Erase process in a direct-overwrite magneto-optic recording material

Schultz, Mark; Kryder, Mark
April 1989
Applied Physics Letters;4/3/1989, Vol. 54 Issue 14, p1371
Academic Journal
The erase process in a directly overwritable magneto-optical material is shown to be a domain collapse dominated process, not a reversed domain growth process as previously suggested. The results of two experiments which support this conclusion are described. The first is a static evaluation of the residual domains of unsuccessful erase attempts. The second is actual high-speed observation of the dynamic process itself. Both experiments show that erasure in this material results from collapse of the previously written domain.


Related Articles

  • Taking measure of magnetic, optical, and magneto-optical media and drives. Lieberman, Paula // CD-ROM Professional;Jul95, Vol. 8 Issue 7, p62 

    Presents an overview of magnetic, optical and magneto-optical media and drives available in the market. History of optical storage options; Erasable, rewritable and recordable technology; Round-up of optical and semi-optical entries; Multifunctional magneto-optical options; Comparison of CD-ROM...

  • Peak shift analysis for magneto-optical storage. Madison, M. R.; Finkelstein, B. I.; Yardy, R. // Journal of Applied Physics;4/15/1991, Vol. 69 Issue 8, p4957 

    Explores the thermal induced peak shift in magneto-optical recording. Effects of peak shift on optical storage; Details on the experiment; Formula for the thermal model.

  • Optical Storage Products Offering A Broader Array of Choices. Mazier, E. E. // National Underwriter / Life & Health Financial Services;6/4/2001, Vol. 105 Issue 23, p23 

    Evaluates several optical storage products. LightSpeed 2100 Series models from Yamaha company; Internal and external magneto-optical drives from Fujitsu Computer Products; Digital video disc (DVD)-read-only memory and DVD-random-access memory from Hitachi America company.

  • LaserByte rolls 230MB M/O drive.  // Electronic News;5/9/94, Vol. 40 Issue 2013, p42 

    Reports on Laser Byte's addition to its family of magneto-optical disk drives. Product description; Price; Release schedule.

  • Is DVD-RAM the death-knell for MO? Glatzer, Hal // EMedia Professional;Jan1998, Vol. 11 Issue 1, p82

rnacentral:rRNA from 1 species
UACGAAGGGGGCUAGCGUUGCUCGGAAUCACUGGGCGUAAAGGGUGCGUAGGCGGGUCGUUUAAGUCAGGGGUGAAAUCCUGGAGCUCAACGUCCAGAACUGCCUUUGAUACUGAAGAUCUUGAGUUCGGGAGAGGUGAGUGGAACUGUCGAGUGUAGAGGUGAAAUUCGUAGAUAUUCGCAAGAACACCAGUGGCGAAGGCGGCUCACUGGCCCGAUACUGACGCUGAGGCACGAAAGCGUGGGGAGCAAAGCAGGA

Contends that the mass production of random access memory digital video disc (DVD-RAM) or high-density optical disk drives may hurt magneto-optic (MO) drive manufacturers. Advantage of DVD-RAM in pricing; Differences between competing DVD formats.

  • Magnetization stability in the magneto-optical readout of TbFeCo disks. McDaniel, T. W.; Finkelstein, B. I. // Journal of Applied Physics;4/15/1991, Vol. 69 Issue 8, p4954 

    Studies the magnetization stability in the magneto-optical readout of terbium compound disks. Threat poses by the readout process in magneto-optical data storage to written data; Details on the experiment; Modeling approaches used to understand the data.

  • Application Of Time Of Flight-Energy Elastic Recoil Detection For Information-Storage Media Analysis. Yanwen Zhang, W.A.; Possnert, Göran; Whitlow, Harry J. // AIP Conference Proceedings;2003, Vol. 680 Issue 1, p396 

    The challenge of meeting the ever-increasing demands for elemental profile information with high sensitivity and improved depth resolution has prompted development of sophisticated ion beam analysis methods, including elastic recoil detection analysis (ERDA). In combination with a time of flight...

  • Lasers light the way for MO drives. Nass, Richard // Electronic Design;1/24/94, Vol. 42 Issue 2, p43 

    Analyzes the problems and potential solutions associated with the use of magneto-optical (MO) disk drives as a replacement for hard-disk drives. Advantages; Recording process; Latency problems; Products currently in the market; Data processing; Use of lasers; Increasing capacity; Market share. ...

  • Optical Disk.  // Network Dictionary;2007, p357 

    A definition of the term "Optical Disk" is presented. It refers to a storage medium from which data is read and to which it is written by laser beams. Optical disk types are categorized as those that are recorded at the time of manufacture and cannot be erased such as CD, CD-ROM, DVD-ROM and...


Read the Article


Sorry, but this item is not currently available from your library.

Try another library?
Sign out of this library

Other Topics